Three candidates are vying for two state House seats in the newly redrawn Legislative District 2 - Republican John Christopher Ackerley and Democrats Andrea Dalessandro and Rosanna Gabaldón.

The district stretches from Tucson's south side to Nogales.

Ackerley, 40, is a high school physics teacher for Amphitheater Public Schools.

Dalessandro, 65, is a retired certified public accountant and former math teacher.

Gabaldón, 51, is a former Sahuarita councilwoman.

Here is what the candidates have said:


Ackerley said the vast majority of jobs are created by the private sector.

"The government's clear role is to provide labor," he said, and the Legislature must return funding to high school vocational and career programs through a special school district called JTED, or Joint Technical Education District.

Gabaldón said it is the federal government's responsibility to create new jobs, and the state needs to encourage economic development. The Legislature can attract businesses by offering tax incentives to encourage job creation, she said.

Dalessandro said more incentives must be routed toward the film industry to attract them to Arizona, because filmmakers are bypassing the state.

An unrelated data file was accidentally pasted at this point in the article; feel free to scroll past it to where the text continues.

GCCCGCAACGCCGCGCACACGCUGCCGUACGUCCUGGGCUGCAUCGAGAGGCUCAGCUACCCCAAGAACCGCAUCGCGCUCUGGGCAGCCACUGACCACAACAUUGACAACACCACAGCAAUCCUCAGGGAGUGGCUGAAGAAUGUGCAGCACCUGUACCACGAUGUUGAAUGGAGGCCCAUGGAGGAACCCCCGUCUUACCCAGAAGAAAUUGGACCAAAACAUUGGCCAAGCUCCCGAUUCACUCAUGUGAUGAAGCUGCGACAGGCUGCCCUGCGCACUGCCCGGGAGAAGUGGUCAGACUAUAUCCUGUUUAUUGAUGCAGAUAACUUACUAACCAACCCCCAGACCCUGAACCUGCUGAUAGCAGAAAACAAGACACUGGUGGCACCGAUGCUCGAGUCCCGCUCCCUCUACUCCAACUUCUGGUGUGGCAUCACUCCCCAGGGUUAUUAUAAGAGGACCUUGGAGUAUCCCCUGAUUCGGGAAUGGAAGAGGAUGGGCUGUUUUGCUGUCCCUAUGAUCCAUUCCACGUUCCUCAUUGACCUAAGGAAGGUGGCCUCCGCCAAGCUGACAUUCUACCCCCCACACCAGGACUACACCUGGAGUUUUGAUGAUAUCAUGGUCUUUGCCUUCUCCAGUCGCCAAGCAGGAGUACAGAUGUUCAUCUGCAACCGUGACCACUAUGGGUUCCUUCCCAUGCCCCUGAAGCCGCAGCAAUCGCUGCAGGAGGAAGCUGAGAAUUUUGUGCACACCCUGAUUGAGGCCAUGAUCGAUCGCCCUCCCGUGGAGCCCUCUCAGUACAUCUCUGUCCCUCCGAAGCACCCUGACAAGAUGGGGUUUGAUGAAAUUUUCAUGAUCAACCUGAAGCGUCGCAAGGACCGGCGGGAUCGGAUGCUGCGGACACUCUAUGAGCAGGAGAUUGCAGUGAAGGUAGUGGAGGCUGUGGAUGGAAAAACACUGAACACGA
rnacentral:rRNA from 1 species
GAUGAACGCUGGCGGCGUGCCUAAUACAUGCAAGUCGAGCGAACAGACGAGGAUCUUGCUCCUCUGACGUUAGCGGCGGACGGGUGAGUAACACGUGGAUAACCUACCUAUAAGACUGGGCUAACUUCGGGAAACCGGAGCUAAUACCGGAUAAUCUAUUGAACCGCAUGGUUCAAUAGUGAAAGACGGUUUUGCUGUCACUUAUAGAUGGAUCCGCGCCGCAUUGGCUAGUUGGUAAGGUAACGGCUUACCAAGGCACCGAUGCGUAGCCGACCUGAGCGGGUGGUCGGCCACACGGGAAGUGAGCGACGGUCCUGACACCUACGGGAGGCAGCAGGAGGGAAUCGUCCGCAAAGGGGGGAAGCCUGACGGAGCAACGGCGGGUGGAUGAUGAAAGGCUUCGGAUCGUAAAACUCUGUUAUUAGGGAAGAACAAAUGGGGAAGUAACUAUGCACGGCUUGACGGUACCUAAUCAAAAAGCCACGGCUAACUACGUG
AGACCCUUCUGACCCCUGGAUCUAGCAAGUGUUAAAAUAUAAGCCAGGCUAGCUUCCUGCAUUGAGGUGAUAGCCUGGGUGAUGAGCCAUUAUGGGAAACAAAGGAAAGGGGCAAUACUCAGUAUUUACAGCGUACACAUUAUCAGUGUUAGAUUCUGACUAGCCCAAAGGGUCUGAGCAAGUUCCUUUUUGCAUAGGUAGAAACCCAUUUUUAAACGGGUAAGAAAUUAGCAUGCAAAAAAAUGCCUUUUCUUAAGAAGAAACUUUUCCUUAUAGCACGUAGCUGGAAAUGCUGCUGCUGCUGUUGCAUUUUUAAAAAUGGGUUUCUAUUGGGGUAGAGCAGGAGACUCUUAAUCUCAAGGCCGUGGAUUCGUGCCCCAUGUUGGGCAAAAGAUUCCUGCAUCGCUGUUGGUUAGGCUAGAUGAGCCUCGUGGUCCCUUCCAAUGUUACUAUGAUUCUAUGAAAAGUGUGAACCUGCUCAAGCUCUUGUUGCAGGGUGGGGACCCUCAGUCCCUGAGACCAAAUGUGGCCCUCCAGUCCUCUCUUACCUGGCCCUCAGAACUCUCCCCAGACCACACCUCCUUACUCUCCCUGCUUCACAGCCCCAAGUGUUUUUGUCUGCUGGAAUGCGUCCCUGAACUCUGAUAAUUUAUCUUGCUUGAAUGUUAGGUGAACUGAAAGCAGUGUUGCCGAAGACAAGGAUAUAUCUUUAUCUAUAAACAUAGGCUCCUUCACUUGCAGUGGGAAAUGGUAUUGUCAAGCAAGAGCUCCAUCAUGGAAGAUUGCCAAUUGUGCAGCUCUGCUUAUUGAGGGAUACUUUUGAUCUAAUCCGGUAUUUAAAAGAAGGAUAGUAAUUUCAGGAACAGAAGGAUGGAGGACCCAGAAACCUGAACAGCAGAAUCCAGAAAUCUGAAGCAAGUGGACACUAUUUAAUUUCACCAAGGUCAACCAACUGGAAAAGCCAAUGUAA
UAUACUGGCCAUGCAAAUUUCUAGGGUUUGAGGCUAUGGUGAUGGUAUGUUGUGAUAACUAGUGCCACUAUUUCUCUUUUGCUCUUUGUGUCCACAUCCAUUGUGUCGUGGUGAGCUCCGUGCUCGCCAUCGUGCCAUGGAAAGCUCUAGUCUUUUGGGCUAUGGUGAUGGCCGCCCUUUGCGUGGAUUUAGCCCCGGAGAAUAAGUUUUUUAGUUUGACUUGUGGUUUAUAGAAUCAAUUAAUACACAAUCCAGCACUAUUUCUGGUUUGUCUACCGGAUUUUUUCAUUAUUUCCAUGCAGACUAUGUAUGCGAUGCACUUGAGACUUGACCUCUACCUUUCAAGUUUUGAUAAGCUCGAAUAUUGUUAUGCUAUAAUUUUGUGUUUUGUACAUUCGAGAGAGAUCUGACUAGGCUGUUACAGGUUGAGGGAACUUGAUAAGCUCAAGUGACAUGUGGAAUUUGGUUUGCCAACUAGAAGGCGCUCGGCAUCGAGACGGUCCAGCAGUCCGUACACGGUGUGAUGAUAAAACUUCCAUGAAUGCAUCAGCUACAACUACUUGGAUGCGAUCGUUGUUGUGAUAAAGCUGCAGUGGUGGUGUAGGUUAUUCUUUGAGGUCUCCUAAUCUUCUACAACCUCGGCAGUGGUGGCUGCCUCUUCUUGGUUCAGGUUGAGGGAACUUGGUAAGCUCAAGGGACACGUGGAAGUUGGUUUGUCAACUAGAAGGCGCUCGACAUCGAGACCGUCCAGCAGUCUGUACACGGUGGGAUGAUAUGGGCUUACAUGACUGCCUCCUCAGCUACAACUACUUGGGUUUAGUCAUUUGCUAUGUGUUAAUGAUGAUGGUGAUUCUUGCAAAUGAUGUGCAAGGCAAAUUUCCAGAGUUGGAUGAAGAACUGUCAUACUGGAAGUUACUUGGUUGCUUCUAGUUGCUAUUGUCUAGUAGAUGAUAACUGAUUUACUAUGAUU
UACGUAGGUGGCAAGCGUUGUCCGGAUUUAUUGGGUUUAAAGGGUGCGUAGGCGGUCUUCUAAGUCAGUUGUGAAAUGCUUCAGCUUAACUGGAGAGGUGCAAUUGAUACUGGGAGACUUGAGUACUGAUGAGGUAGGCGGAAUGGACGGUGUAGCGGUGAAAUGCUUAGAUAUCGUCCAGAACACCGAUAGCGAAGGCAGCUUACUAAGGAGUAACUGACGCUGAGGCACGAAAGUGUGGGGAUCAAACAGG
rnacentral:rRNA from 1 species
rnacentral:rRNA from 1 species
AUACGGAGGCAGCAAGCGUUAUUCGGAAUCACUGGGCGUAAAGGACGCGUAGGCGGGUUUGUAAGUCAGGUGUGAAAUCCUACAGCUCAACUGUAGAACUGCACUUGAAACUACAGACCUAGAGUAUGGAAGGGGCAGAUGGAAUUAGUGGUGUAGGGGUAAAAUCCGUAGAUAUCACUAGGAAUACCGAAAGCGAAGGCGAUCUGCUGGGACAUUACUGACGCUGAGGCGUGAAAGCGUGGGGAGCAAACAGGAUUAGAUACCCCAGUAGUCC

She also said the state Department of Commerce needs to work with the Mexican government on commerce and trade issues, and work to solve the bottlenecks during the produce season. Dalessandro said Texas is courting Mexico's produce industry to use its sophisticated ports of entry, and if this happens "it will have a detrimental effect to Nogales."

SB 1070

Ackerley said local law enforcement must have a role in enforcing the state's immigration law, a role that he supports. But he recognizes the controversy has had an adverse affect on the tourist industry.

Dalessandro said Pima County Sheriff Clarence Dupnik has said deputies already call federal authorities when they detain someone who is in the country illegally. However, she said she is against racial profiling, and "We have to be aware if there are abuses of the system."

Gabaldón said she does not support SB 1070 because the federal government has the responsibility to enforce immigration law, and secure the border. She said the law has created "fear mongering" and has hurt the state's image.